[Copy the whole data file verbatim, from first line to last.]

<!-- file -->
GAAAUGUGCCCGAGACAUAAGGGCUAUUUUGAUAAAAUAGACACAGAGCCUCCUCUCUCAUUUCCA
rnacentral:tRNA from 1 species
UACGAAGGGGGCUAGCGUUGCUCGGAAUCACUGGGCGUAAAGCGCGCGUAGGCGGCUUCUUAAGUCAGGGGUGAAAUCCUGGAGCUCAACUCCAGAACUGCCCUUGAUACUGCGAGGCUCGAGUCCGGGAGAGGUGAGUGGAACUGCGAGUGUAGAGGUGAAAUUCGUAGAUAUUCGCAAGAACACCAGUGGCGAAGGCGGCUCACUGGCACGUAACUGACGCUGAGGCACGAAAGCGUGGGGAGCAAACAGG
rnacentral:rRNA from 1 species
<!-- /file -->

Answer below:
GAAAUGUGCCCGAGACAUAAGGGCUAUUUUGAUAAAAUAGACACAGAGCCUCCUCUCUCAUUUCCA
rnacentral:tRNA from 1 species
UACGAAGGGGGCUAGCGUUGCUCGGAAUCACUGGGCGUAAAGCGCGCGUAGGCGGCUUCUUAAGUCAGGGGUGAAAUCCUGGAGCUCAACUCCAGAACUGCCCUUGAUACUGCGAGGCUCGAGUCCGGGAGAGGUGAGUGGAACUGCGAGUGUAGAGGUGAAAUUCGUAGAUAUUCGCAAGAACACCAGUGGCGAAGGCGGCUCACUGGCACGUAACUGACGCUGAGGCACGAAAGCGUGGGGAGCAAACAGG
rnacentral:rRNA from 1 species